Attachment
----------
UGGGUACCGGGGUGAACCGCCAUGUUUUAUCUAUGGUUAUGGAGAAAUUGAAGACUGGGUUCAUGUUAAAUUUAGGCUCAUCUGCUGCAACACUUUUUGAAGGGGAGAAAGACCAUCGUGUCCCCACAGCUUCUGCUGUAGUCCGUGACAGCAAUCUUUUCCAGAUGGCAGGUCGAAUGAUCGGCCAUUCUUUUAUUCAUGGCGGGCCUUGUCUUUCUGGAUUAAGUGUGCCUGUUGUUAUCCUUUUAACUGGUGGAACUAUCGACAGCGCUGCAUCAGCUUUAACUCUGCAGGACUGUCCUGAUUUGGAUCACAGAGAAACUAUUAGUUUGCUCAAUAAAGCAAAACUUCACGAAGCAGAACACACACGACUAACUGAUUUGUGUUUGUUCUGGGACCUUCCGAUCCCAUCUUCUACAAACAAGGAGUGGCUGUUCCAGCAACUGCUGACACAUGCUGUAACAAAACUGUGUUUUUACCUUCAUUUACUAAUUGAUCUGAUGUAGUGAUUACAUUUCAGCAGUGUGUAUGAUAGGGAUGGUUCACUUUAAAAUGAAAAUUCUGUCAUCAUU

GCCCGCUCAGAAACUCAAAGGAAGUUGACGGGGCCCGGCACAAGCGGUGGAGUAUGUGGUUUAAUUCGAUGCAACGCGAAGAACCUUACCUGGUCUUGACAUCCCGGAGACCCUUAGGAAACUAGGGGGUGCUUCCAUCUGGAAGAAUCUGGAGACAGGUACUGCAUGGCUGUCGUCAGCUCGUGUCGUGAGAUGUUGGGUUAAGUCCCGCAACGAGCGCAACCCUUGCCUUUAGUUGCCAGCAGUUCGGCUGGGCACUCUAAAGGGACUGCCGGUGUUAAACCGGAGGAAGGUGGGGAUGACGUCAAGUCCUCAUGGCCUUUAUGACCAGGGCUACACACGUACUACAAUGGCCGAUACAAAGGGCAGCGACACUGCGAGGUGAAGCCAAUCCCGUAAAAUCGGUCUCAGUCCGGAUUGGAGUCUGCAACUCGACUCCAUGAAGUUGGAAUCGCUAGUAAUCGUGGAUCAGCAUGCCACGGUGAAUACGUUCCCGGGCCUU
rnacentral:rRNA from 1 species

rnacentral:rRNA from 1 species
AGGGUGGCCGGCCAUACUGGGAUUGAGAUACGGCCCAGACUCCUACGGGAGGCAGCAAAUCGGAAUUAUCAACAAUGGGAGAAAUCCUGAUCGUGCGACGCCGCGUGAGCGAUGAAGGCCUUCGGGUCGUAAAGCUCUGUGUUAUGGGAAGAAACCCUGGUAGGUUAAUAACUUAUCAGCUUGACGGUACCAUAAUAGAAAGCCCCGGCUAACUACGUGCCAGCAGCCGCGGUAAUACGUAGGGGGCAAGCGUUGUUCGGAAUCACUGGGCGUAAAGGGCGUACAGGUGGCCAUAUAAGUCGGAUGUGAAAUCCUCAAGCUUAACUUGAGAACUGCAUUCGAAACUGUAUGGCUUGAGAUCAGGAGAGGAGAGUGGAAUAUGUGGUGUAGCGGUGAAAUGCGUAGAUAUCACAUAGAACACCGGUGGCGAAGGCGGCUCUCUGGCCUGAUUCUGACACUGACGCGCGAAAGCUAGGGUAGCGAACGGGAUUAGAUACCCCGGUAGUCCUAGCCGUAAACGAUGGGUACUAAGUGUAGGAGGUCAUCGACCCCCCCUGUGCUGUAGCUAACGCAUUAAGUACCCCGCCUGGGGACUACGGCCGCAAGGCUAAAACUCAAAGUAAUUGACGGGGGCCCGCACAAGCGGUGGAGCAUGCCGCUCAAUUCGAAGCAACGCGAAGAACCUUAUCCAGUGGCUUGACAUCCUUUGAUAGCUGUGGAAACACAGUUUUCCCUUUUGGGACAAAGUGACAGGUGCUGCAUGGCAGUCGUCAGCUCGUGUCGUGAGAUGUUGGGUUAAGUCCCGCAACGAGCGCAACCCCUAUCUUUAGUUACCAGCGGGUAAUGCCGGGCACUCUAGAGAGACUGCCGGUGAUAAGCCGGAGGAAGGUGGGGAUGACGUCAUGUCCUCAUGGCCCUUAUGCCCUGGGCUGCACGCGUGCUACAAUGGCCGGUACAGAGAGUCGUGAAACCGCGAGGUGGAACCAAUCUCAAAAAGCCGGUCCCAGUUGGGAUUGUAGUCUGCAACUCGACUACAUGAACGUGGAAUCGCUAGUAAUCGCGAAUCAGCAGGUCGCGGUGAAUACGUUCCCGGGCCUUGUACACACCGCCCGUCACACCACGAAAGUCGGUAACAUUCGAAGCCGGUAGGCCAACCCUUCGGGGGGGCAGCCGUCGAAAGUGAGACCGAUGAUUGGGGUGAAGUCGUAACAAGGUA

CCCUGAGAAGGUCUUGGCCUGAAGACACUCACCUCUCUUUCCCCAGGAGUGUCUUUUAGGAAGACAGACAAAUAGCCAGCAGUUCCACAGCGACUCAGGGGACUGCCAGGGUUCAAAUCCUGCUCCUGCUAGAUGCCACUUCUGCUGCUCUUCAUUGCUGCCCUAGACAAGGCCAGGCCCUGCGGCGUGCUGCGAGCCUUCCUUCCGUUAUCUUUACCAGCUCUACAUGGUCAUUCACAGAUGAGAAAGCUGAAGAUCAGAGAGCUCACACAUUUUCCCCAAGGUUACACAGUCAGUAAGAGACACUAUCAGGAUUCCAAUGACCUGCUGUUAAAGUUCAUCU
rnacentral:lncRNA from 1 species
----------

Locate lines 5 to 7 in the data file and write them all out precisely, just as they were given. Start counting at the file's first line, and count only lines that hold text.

AGGGUGGCCGGCCAUACUGGGAUUGAGAUACGGCCCAGACUCCUACGGGAGGCAGCAAAUCGGAAUUAUCAACAAUGGGAGAAAUCCUGAUCGUGCGACGCCGCGUGAGCGAUGAAGGCCUUCGGGUCGUAAAGCUCUGUGUUAUGGGAAGAAACCCUGGUAGGUUAAUAACUUAUCAGCUUGACGGUACCAUAAUAGAAAGCCCCGGCUAACUACGUGCCAGCAGCCGCGGUAAUACGUAGGGGGCAAGCGUUGUUCGGAAUCACUGGGCGUAAAGGGCGUACAGGUGGCCAUAUAAGUCGGAUGUGAAAUCCUCAAGCUUAACUUGAGAACUGCAUUCGAAACUGUAUGGCUUGAGAUCAGGAGAGGAGAGUGGAAUAUGUGGUGUAGCGGUGAAAUGCGUAGAUAUCACAUAGAACACCGGUGGCGAAGGCGGCUCUCUGGCCUGAUUCUGACACUGACGCGCGAAAGCUAGGGUAGCGAACGGGAUUAGAUACCCCGGUAGUCCUAGCCGUAAACGAUGGGUACUAAGUGUAGGAGGUCAUCGACCCCCCCUGUGCUGUAGCUAACGCAUUAAGUACCCCGCCUGGGGACUACGGCCGCAAGGCUAAAACUCAAAGUAAUUGACGGGGGCCCGCACAAGCGGUGGAGCAUGCCGCUCAAUUCGAAGCAACGCGAAGAACCUUAUCCAGUGGCUUGACAUCCUUUGAUAGCUGUGGAAACACAGUUUUCCCUUUUGGGACAAAGUGACAGGUGCUGCAUGGCAGUCGUCAGCUCGUGUCGUGAGAUGUUGGGUUAAGUCCCGCAACGAGCGCAACCCCUAUCUUUAGUUACCAGCGGGUAAUGCCGGGCACUCUAGAGAGACUGCCGGUGAUAAGCCGGAGGAAGGUGGGGAUGACGUCAUGUCCUCAUGGCCCUUAUGCCCUGGGCUGCACGCGUGCUACAAUGGCCGGUACAGAGAGUCGUGAAACCGCGAGGUGGAACCAAUCUCAAAAAGCCGGUCCCAGUUGGGAUUGUAGUCUGCAACUCGACUACAUGAACGUGGAAUCGCUAGUAAUCGCGAAUCAGCAGGUCGCGGUGAAUACGUUCCCGGGCCUUGUACACACCGCCCGUCACACCACGAAAGUCGGUAACAUUCGAAGCCGGUAGGCCAACCCUUCGGGGGGGCAGCCGUCGAAAGUGAGACCGAUGAUUGGGGUGAAGUCGUAACAAGGUA

CCCUGAGAAGGUCUUGGCCUGAAGACACUCACCUCUCUUUCCCCAGGAGUGUCUUUUAGGAAGACAGACAAAUAGCCAGCAGUUCCACAGCGACUCAGGGGACUGCCAGGGUUCAAAUCCUGCUCCUGCUAGAUGCCACUUCUGCUGCUCUUCAUUGCUGCCCUAGACAAGGCCAGGCCCUGCGGCGUGCUGCGAGCCUUCCUUCCGUUAUCUUUACCAGCUCUACAUGGUCAUUCACAGAUGAGAAAGCUGAAGAUCAGAGAGCUCACACAUUUUCCCCAAGGUUACACAGUCAGUAAGAGACACUAUCAGGAUUCCAAUGACCUGCUGUUAAAGUUCAUCU
rnacentral:lncRNA from 1 species